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Sci. Signal., 27 September 2011
Vol. 4, Issue 192, p. tr9
[DOI: 10.1126/scisignal.2001983]


Biomedical Model Fitting and Error Analysis

Kevin D. Costa1*, Steven H. Kleinstein2,3, and Uri Hershberg4

1 Department of Medicine (Cardiology), Mount Sinai School of Medicine, New York, NY 10029, USA.
2 Department of Pathology, Yale School of Medicine, New Haven, CT 06520, USA.
3 Interdepartmental Program in Computational Biology and Bioinformatics, Yale University, New Haven, CT 06520, USA.
4 School of Biomedical Engineering, Science and Health Systems, Drexel University, Philadelphia, PA 19104, USA.

Abstract: This Teaching Resource introduces students to curve fitting and error analysis; it is the second of two lectures on developing mathematical models of biomedical systems. The first focused on identifying, extracting, and converting required constants—such as kinetic rate constants—from experimental literature. To understand how such constants are determined from experimental data, this lecture introduces the principles and practice of fitting a mathematical model to a series of measurements. We emphasize using nonlinear models for fitting nonlinear data, avoiding problems associated with linearization schemes that can distort and misrepresent the data. To help ensure proper interpretation of model parameters estimated by inverse modeling, we describe a rigorous six-step process: (i) selecting an appropriate mathematical model; (ii) defining a "figure-of-merit" function that quantifies the error between the model and data; (iii) adjusting model parameters to get a "best fit" to the data; (iv) examining the "goodness of fit" to the data; (v) determining whether a much better fit is possible; and (vi) evaluating the accuracy of the best-fit parameter values. Implementation of the computational methods is based on MATLAB, with example programs provided that can be modified for particular applications. The problem set allows students to use these programs to develop practical experience with the inverse-modeling process in the context of determining the rates of cell proliferation and death for B lymphocytes using data from BrdU-labeling experiments.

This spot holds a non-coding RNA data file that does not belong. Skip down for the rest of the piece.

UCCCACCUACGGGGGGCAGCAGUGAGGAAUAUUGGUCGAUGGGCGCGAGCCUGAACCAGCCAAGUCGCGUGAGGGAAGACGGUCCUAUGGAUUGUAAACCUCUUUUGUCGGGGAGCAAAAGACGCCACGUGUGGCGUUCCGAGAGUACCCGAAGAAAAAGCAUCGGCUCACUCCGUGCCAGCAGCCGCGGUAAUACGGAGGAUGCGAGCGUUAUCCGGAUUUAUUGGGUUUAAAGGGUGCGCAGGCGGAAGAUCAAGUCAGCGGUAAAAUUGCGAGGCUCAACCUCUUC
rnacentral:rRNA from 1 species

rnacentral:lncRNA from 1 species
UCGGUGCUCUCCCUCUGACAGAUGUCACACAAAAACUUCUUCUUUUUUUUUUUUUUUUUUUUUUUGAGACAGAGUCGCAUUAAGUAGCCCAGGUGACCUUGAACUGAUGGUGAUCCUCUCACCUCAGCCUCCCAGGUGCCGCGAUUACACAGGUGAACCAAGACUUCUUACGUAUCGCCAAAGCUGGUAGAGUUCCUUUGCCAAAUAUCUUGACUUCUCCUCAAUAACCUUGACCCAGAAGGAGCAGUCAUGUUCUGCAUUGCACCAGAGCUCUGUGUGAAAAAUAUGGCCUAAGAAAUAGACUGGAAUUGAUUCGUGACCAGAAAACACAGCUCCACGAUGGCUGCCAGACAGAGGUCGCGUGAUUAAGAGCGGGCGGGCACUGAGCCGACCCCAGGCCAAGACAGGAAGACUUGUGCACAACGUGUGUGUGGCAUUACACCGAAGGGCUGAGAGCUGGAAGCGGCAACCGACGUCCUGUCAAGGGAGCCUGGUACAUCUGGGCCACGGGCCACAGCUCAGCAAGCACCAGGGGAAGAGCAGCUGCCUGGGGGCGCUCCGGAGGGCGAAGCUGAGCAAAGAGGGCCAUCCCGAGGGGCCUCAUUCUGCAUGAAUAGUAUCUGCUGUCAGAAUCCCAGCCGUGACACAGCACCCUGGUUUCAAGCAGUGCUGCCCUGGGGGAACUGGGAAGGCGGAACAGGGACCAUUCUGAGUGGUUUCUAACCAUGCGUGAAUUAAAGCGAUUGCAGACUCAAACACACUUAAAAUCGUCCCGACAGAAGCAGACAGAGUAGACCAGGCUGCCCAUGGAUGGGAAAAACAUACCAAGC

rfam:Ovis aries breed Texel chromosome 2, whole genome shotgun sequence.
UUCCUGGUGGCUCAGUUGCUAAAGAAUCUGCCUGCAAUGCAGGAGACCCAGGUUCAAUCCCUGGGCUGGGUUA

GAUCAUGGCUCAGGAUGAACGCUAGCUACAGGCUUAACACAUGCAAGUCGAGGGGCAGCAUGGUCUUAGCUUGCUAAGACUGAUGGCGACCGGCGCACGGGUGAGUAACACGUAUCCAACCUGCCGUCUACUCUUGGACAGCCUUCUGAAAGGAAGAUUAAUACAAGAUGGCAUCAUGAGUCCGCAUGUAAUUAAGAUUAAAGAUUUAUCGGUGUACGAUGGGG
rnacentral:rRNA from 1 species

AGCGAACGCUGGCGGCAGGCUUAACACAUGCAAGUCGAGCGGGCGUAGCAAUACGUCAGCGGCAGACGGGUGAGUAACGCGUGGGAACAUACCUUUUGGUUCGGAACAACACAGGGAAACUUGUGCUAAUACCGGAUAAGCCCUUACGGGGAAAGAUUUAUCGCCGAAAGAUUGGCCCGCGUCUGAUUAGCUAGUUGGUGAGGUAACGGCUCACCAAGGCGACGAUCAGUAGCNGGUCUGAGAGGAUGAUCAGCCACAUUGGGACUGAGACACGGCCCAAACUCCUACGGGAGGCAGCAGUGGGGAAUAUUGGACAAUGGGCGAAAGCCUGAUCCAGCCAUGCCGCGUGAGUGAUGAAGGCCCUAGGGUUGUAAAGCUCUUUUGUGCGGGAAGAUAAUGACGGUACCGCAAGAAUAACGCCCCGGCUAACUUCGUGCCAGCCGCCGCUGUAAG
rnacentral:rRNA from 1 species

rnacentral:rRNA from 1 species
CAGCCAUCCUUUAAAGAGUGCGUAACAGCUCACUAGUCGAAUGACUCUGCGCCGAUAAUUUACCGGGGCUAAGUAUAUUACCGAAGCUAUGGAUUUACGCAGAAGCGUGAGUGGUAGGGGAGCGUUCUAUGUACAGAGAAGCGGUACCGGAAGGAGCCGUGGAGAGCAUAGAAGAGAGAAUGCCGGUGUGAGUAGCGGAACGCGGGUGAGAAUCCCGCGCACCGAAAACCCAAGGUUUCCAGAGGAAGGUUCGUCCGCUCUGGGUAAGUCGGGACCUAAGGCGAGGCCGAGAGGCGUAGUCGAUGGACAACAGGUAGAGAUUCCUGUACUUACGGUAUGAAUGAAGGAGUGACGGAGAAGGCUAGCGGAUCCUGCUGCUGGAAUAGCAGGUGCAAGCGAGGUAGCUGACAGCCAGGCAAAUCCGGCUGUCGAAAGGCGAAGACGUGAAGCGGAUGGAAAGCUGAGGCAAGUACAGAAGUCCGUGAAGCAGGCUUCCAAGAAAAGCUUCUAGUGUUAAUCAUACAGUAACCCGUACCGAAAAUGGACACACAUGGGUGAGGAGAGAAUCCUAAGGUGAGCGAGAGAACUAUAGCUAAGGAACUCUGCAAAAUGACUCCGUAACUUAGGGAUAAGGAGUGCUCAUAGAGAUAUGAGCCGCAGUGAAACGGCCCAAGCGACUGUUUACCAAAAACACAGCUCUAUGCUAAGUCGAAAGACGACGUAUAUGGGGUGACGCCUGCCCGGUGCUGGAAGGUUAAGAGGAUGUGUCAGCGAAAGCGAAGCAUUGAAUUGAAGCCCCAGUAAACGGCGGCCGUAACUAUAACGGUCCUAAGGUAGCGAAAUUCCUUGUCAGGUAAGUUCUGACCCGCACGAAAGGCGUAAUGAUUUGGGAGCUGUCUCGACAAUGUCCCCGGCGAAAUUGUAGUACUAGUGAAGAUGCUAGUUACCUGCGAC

* Corresponding author. E-mail, kevin.costa{at}

Citation: K. D. Costa, S. H. Kleinstein, U. Hershberg, Biomedical Model Fitting and Error Analysis. Sci. Signal. 4, tr9 (2011).

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